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Pollinators-Green-80.pngPollinator Parties

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Pollinator Parties are events held in a park or other public garden area (flowers required!) for 2-3 hours on a summer afternoon.  Catch and identify pollinators, play games, make crafts, and learn a lot!

During these parties, you will learn which pollinators live in your area - especially bees, butterflies and hummingbirds - and catch those pollinators in vials and nets to get a closer look and identify them.  All insects are released after identification, so no pollinators are hurt or kept in the process. 

Other learning opportunities, such as the process of pollination, why pollinators are declining, and how you can help are available during these parties too.

 

You'll get to:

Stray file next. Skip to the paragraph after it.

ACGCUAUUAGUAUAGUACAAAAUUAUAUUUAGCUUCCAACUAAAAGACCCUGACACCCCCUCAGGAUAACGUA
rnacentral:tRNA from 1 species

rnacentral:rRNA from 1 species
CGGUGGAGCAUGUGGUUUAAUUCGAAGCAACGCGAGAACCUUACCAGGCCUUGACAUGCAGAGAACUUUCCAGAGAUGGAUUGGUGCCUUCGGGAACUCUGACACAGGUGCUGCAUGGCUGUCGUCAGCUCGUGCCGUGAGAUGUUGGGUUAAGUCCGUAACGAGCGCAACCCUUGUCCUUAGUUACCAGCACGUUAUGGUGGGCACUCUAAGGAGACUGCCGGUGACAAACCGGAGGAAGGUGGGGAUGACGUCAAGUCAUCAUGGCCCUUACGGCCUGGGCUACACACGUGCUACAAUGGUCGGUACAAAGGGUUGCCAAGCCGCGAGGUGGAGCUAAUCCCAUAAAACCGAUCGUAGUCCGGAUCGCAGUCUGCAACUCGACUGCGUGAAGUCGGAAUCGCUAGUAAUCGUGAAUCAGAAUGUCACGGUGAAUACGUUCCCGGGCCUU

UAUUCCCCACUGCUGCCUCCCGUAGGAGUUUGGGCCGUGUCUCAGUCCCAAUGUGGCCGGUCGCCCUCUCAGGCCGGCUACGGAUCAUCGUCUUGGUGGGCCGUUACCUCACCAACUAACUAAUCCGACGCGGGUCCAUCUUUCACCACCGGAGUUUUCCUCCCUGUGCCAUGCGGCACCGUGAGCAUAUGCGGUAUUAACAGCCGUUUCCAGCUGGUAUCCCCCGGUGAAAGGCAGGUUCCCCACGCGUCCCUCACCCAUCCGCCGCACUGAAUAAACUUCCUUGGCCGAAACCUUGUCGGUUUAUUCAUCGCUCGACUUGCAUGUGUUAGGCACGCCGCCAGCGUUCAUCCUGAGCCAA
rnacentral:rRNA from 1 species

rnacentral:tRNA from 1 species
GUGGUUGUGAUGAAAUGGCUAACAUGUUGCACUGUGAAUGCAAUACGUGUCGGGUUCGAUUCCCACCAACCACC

• Learn which pollinators live by you
  • Catch bees and butterflies to ID them
  • Play games and make crafts related to pollination
  • Take home identification guides and vials to use at home
  • Learn about how to help pollinators, like planting a pollinator garden
  • Sign up for the Bumble Bee Brigade, a network of bee observers

 

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Pollinator Parties: 2014

 

These parties are co-sponsored by the Bureau of Land Management and local partners.

Request a Party in your town!  The Biodiversity Institute loves to co-host pollinator parties throughout the state - we'll do the planning, and ask you to help with local logistics.

 

Fear Not!

The vast majority of our native bees, such as bumble bees, carpenter bees, mason bees and leafcutter bees, are very gentle and very rarely sting.  They are frequently mistaken for yellow jackets, wasps or honey bees, which tend to be more aggressive.  But our docile native bees are great for getting a close look because they are so gentle.